‘Shoot to kill’ policy
Hundreds of Israelis gathered outside the military courthouse to protest against the arrest of the soldier. According to Buzzilla, a company which specializes in analysing social networks, in a period of just a few days, over 80 per cent of Israelis stood behind the soldier. Petitions and Facebook pages were opened in support of him.
The international community views the killing of al-Sharif differently, and expressed concern that this might not be an isolated incident of a ‘shoot to kill’ policy against suspected Palestinian attackers.
B’Tselem stated: ‘The law on this matter is also clear: shooting to kill is permissible only in cases that a person poses mortal danger to others. However, in at least some of the cases, firing at the assailants did not cease even after they no longer posed any danger. Some were injured and lying motionless on the ground when they were shot dead. In other cases, the very use of live gunfire seems excessive. Soldiers, police and armed civilians are equated to “judge, jury and executioner”.’
‘The shooting of a wounded and incapacitated person, even if they have been involved in an attack, has absolutely no justification and must be prosecuted as a potential war crime,’ said Philip Luther, the Director of the Middle East and North Africa Programme at Amnesty International. ‘While it is encouraging that the soldier in the video has reportedly been suspended and placed under investigation, previous Israeli investigations have failed to hold members of the Israeli forces accountable even when there has been clear evidence of criminal wrongdoing.’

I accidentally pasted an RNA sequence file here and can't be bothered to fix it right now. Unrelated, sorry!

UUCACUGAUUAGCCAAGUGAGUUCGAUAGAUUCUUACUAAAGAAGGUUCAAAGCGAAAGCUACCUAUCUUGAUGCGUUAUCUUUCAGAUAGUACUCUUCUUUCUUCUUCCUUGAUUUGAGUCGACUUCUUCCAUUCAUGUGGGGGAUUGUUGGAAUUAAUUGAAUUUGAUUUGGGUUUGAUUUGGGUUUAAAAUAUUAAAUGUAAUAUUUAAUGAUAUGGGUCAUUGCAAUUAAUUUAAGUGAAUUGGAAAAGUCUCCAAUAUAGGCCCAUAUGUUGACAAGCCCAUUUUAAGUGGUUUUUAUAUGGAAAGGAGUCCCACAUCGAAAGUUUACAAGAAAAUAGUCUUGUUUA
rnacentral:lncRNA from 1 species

The research of Israeli human rights organization Yesh Din confirms this. Approximately 94 per cent of criminal investigations against Israeli Defense Forces (IDF) soldiers committing acts of violence against Palestinians are closed without indictment, and soldiers who are convicted of a crime receive very light sentences.
The aftermath has not been pleasant. While the nameless soldier received a light sentence, Abu Shamsiyah’s house has been firebombed, and he and his family have received death sentences. International volunteers have offered him protection.